by
A group of Texas plaintiffs alleged that a corporation exposed two employees to chemicals that caused two of the employees' children to suffer from birth defects. The Superior Court judge excluded expert testimony as irrelevant under Delaware law because it would have been insufficient as a matter of Texas law. The judge did not reach the testimony's reliability under Delaware law. Because the plaintiffs waived their argument that California or Delaware substantive law applied, the Supreme Court affirmed the Superior Court judge's ruling that Texas substantive law applies. But before the Court could address whether a judge may consider substantive sufficiency when analyzing procedural admissibility, the case was remanded for the Superior Court judge to determine in the first instance whether the testimony at issue is excludable on reliability grounds.View "Tumlinson, et al. v. Advanced Micro Devices, Inc." on Justia Law

by
Employee-appellant, Gary Andreason appealed a Superior Court judgment affirming two Industrial Accident Board decisions. The first decision awarded compensation to Andreason for his work-related knee and right shoulder injuries, but denied compensation for a separate and unrelated lower back injury. The second decision denied Andreason's reargument motion challenging the Board's denial of compensation for his lower back injury. Andreason argued on appeal to the Supreme Court: (1) the Board erred as a matter of law when it determined that there was no implied agreement to compensate him for his lower back injury; (2) that title 19, section 2322(h) does not apply when compensation is paid as the result of a unilateral mistake. The Court concluded all of Andreason's arguments were without merit. View "Andreason v. Royal Pest Control" on Justia Law

by
A plaintiff who was injured in an accident sought PIP benefits from an insurance carrier. The Superior Court applied Delaware's current three-part test and analyzed: (1) "whether the vehicle was an 'active accessory' in causing the injury," (2) "whether there was an act of independent significance that broke the causal link between use of the vehicle and the injuries inflicted," and (3) "whether the vehicle was used for transportation purposes." After concluding that the insured vehicle was not used for transportation purposes, the court granted the insurance carrier's motion for summary judgment. Upon reexamination of the statutory framework for PIP coverage, the Supreme Court concluded that the test's "transportation purposes" element should have been rejected. Therefore, the Court reversed the Superior Court judgment and remanded the case for further proceedings.View "Kelty v. State Farm Mutual Automobile Insurance Co." on Justia Law

by
After meeting with a high-school guidance counselor, a teenaged student said he was feeling alone and unloved, and had attempted suicide. The Counselor talked with the student for four hours; at the end of the discussion, the counselor felt the student no longer posed a threat to himself and sent him back to class. The school did not notify the student's parents of his statements or acts. After the student went home that day, he killed himself. The student's family sued the school district for wrongful death. The district court granted the district summary judgment, finding no duty to the student, and no wrongful act under the wrongful death statute. Plaintiffs appealed, asserting a common law duty based on the special relationship between a school and its students. The Supreme Court found no merit to plaintiffs' appeal except for a negligence per se claim. The alleged violations of the State Department of Education’s and the School District’s mandatory requirements to notify a parent or guardian of the student’s crisis situation state, in the Court's view, a claim of negligence per se. Accordingly, the judgment of the Superior Court was reversed and remanded the case for further proceedings. View "Rogers, et al. v. The Christina School District, et al." on Justia Law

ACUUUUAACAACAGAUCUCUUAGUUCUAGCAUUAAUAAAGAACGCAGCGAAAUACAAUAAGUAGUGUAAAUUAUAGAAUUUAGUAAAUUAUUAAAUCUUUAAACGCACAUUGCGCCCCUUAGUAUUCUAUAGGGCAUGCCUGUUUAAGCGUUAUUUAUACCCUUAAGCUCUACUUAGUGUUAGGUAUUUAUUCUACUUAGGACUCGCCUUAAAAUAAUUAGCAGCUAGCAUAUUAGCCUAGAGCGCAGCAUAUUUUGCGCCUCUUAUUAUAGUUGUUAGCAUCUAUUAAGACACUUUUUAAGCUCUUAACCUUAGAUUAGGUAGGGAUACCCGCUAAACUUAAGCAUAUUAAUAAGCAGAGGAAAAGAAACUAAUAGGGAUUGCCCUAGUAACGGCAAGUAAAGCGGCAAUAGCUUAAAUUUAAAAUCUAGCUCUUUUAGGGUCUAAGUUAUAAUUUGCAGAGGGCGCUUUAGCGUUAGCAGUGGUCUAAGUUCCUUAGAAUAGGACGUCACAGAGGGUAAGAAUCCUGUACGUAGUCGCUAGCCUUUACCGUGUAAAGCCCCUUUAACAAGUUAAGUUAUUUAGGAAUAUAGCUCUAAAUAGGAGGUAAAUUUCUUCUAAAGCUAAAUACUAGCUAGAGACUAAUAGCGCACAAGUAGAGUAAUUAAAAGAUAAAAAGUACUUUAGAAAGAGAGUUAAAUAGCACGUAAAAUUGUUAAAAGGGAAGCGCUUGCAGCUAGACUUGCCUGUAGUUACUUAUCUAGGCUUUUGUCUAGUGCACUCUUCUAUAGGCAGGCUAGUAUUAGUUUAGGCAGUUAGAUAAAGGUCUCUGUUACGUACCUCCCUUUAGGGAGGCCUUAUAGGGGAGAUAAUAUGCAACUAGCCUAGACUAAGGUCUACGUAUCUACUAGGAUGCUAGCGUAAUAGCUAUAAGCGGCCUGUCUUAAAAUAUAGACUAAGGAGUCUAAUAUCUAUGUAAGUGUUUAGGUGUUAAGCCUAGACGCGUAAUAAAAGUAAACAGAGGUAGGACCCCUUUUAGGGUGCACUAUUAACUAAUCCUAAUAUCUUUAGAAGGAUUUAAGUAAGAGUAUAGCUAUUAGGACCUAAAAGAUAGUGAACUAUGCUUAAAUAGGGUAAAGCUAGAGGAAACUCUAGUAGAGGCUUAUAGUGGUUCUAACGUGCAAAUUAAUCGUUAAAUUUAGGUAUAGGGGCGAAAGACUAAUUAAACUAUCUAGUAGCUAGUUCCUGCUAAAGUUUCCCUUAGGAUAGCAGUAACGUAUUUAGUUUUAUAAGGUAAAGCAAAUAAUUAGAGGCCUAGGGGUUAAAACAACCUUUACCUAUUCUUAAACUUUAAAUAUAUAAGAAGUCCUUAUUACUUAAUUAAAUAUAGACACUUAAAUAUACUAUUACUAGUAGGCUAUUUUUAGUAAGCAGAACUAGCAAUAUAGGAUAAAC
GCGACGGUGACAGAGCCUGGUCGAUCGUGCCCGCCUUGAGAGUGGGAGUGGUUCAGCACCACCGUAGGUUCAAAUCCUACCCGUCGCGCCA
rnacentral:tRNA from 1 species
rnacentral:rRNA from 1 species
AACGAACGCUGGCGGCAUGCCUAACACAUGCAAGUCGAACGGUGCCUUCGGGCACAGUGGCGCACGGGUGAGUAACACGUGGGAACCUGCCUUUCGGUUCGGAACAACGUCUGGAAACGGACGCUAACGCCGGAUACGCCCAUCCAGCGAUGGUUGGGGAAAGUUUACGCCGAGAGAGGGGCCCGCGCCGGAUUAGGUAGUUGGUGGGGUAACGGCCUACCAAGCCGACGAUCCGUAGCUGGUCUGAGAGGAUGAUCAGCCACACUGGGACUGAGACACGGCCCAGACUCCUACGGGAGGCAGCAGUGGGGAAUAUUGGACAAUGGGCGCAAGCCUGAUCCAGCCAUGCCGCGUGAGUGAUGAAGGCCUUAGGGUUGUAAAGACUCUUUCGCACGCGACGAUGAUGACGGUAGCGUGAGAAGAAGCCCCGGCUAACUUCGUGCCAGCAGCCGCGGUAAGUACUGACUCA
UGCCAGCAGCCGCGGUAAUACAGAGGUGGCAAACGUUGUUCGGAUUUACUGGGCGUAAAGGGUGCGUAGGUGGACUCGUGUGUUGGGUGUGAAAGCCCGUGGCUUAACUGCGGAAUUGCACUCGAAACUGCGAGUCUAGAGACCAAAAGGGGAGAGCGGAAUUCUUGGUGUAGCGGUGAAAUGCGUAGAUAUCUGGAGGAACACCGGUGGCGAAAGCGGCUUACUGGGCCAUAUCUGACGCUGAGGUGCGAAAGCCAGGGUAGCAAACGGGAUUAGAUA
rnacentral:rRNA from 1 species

by
A vice principal of an elementary school asked a Delaware State Trooper to come to the school give a talk about bullying to four or five fifth grade students who were under “in-school suspension.” The next day, the principal was told that there had been a bullying incident involving an autistic student whose money had been taken from him on the school bus by "AB." The principal told AB’s mother about the incident, and asked her permission to have the officer talk to AB. AB’s mother consented. The officer arrived and was told what happened. The principal and officer went to a room where AB was waiting. The principal was called away, leaving the officer alone with AB. The officer got AB to admit that he had the money (one dollar), but AB claimed that another student had taken the money. AB said that he did not know that other student’s name, but that the student was seated with AB on the school bus. Without discussing the matter with the principal, the officer followed up on AB’s claim despite being virtually certain that AB was the perpetrator. The officer obtained the bus seating chart, found AB's seat-mate, brought the two students together and questioned that student in the same manner as AB. According to the other child, the officer used a mean voice and told him 11 or 12 times that he had the authority to arrest the children and place them in jail if they did not tell the truth. AB finally admitted to taking the money from the autistic student. When he got home from school, the seat-mate told his mother what had happened. The child withdrew from school and was home schooled for the rest of that school year. The mother filed suit on her son’s behalf, as well as individually, against the Cape Henlopen School District, the Board of Education of Cape Henlopen School District, the principal, the State, the Department of Safety and Homeland Security, the Division of the Delaware State Police, and the officer, Trooper Pritchett (collectively, Pritchett). Charges against all but the officer were eventually settled or dismissed; Pritchett successfully moved for summary judgment, and this appeal followed. Viewing the record in the light most favorable to the child, the Supreme Court held that there was sufficient evidence to raise issues of material fact on all claims against the officer except a battery claim. Accordingly, the Court affirmed in part and reversed in part. View "Hunt v. Delaware" on Justia Law